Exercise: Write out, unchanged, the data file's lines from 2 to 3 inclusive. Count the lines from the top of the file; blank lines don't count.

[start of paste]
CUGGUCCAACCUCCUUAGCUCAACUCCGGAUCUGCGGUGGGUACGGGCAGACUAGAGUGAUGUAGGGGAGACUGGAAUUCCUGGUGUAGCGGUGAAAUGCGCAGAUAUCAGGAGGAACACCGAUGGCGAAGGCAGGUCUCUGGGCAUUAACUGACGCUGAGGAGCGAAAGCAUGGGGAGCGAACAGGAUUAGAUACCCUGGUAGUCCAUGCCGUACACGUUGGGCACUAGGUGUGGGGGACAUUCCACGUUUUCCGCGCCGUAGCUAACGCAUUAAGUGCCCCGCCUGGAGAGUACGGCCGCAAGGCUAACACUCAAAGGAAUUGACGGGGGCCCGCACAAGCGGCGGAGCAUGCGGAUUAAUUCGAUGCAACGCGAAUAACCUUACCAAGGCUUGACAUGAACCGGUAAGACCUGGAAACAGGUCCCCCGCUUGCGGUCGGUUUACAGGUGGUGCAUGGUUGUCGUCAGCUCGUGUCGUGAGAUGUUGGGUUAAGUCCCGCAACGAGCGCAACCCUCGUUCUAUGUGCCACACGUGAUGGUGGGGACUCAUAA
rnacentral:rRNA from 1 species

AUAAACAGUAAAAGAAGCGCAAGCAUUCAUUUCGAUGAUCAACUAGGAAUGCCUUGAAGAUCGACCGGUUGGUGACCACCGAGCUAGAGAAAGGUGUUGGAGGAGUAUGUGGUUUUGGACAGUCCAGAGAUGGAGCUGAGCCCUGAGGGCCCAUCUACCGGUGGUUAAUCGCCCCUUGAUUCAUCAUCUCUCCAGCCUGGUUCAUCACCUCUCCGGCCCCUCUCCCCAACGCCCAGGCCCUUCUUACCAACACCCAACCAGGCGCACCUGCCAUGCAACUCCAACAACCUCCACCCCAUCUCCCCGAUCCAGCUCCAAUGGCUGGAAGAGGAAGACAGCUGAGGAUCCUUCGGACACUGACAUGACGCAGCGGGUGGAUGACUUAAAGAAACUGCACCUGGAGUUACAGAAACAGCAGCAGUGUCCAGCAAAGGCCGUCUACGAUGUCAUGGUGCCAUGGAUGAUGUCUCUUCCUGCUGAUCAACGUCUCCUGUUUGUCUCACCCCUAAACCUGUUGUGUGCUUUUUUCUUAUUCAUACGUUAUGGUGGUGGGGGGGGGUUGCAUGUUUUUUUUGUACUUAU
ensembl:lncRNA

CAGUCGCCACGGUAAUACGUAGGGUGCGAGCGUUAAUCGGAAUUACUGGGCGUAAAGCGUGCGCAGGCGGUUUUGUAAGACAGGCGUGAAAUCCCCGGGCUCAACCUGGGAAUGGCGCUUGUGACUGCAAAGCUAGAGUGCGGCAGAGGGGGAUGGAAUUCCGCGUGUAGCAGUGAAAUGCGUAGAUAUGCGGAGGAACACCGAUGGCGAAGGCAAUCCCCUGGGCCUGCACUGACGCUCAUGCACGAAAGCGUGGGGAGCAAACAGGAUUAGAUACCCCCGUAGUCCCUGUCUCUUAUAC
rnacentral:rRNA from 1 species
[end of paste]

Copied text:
rnacentral:rRNA from 1 species

AUAAACAGUAAAAGAAGCGCAAGCAUUCAUUUCGAUGAUCAACUAGGAAUGCCUUGAAGAUCGACCGGUUGGUGACCACCGAGCUAGAGAAAGGUGUUGGAGGAGUAUGUGGUUUUGGACAGUCCAGAGAUGGAGCUGAGCCCUGAGGGCCCAUCUACCGGUGGUUAAUCGCCCCUUGAUUCAUCAUCUCUCCAGCCUGGUUCAUCACCUCUCCGGCCCCUCUCCCCAACGCCCAGGCCCUUCUUACCAACACCCAACCAGGCGCACCUGCCAUGCAACUCCAACAACCUCCACCCCAUCUCCCCGAUCCAGCUCCAAUGGCUGGAAGAGGAAGACAGCUGAGGAUCCUUCGGACACUGACAUGACGCAGCGGGUGGAUGACUUAAAGAAACUGCACCUGGAGUUACAGAAACAGCAGCAGUGUCCAGCAAAGGCCGUCUACGAUGUCAUGGUGCCAUGGAUGAUGUCUCUUCCUGCUGAUCAACGUCUCCUGUUUGUCUCACCCCUAAACCUGUUGUGUGCUUUUUUCUUAUUCAUACGUUAUGGUGGUGGGGGGGGGUUGCAUGUUUUUUUUGUACUUAU